The Good Shepherd
c. 1946


The Whole Christ
Addresses Delivered on the Catholic Hour by the Very Rev.  Fulton J. Sheen,
published by Keep the Faith.

[Address delivered on December 30, 1934]
Last year it was my happy privilege to address you on the most beautiful of all subjects: the life of our Divine Lord. In a few broad strokes I attempted to fire your hearts with the realization that He was not just a moral reformer, but a merciful Redeemer, and not merely a good man but the infinitely good God. You, of course, realize that that earthly life was lived over nineteen hundred years ago, in a small obscure corner of the earth.

Simply because it belongs to the past there is grave danger that we may think it has little relation to the present. Many of us have probably, as practical-minded persons, asked ourselves such questions as these: What possible relation can I, in this twentieth century, have to Him Who lived in the first? What influence can His Life of long ago have upon my life at the present? How can any bond of union that I have with Him differ from my relation to Plato or Buddha or Confucius? It is these questions which I hope to answer, with the help of God's grace, in this year's radio course. It need hardly be added that in the choice of such a subject there is only one purpose in mind: to teach the hungry hearts and souls of our land that Christ is the life of their souls, their only solace and their only peace.

Now to plunge into the important question: How does Jesus of Nazareth influence me who am centuries removed from Him by time and thousands of miles by space? The answer is that there are several ways in which any man may influence posterity even long after his death. And the first of these is by teaching. Anyone who ever wrote or spoke profound truths may echo himself from the grave.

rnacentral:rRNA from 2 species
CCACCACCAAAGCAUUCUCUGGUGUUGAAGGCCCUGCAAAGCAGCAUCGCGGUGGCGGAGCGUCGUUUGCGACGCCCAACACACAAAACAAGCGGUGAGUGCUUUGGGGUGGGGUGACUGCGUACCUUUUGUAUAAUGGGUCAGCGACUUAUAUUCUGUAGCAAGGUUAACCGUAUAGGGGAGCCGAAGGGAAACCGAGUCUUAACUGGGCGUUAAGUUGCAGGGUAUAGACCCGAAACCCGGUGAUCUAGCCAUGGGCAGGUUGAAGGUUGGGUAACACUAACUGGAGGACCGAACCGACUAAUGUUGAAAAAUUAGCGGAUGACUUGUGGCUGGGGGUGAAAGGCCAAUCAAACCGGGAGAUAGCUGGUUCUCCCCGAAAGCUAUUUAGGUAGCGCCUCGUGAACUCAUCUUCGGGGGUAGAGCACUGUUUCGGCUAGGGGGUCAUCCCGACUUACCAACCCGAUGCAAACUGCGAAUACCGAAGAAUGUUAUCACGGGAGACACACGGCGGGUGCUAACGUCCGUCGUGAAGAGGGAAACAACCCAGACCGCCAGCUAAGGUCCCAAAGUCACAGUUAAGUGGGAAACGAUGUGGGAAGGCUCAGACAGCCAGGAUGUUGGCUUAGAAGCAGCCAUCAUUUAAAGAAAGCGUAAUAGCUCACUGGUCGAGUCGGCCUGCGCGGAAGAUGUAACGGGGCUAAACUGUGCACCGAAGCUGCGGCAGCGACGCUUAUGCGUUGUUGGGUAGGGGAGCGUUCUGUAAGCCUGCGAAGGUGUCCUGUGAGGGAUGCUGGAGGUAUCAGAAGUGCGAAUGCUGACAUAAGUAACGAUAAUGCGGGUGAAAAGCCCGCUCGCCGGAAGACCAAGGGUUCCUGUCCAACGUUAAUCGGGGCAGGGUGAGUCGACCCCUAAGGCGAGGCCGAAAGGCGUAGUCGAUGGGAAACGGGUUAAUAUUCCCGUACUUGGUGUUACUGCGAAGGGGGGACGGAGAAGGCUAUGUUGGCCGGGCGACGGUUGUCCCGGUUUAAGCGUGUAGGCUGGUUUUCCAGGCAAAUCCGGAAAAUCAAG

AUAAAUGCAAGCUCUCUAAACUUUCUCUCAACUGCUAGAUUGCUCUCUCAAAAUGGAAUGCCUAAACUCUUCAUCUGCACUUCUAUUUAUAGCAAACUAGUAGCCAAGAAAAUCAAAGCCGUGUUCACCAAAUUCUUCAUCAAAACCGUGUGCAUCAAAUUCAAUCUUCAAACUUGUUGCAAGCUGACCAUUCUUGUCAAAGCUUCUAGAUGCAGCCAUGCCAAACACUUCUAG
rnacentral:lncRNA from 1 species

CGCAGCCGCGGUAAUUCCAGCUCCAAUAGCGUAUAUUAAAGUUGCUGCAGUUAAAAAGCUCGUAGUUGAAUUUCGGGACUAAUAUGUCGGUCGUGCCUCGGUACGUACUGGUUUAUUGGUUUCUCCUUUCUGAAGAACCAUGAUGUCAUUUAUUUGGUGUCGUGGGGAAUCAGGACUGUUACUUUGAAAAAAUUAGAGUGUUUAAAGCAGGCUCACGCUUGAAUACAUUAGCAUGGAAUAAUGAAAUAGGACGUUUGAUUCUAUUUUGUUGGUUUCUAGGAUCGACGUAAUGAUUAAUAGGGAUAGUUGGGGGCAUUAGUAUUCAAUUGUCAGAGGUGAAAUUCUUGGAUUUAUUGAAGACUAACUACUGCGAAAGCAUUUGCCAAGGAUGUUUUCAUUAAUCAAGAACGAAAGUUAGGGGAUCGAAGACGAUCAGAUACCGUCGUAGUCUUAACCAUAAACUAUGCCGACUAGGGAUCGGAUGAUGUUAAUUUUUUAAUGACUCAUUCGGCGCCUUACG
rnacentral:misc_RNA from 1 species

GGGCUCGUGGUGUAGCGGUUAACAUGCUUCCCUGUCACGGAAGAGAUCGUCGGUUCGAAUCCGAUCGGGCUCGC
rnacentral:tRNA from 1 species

Thanks to their teaching, the wisdom of the Greeks lives amongst us. Plato and Aristotle are enshrined in our universities, and professors talk of them as if they had walked with them through the market places and porches of Athens. Augustine of the fifth century and Aquinas of the thirteenth are made to come from their graves, and by their written word instruct our hearts, minds, and souls in the things of God and men . . .

Our Blessed Lord can influence us in precisely the same way. His words of Heavenly Wisdom were not allowed to fade away on an evening breeze, but were caught up by his four evangelists------Matthew, Mark, Luke, John------so that all who could read or hear would know the Wisdom of One Who spoke, not as the Scribes and Pharisees, but as one having authority, even the authority of God. The Scriptures then constitute the first great link between the past and the present, between His earthly life and our modern existence.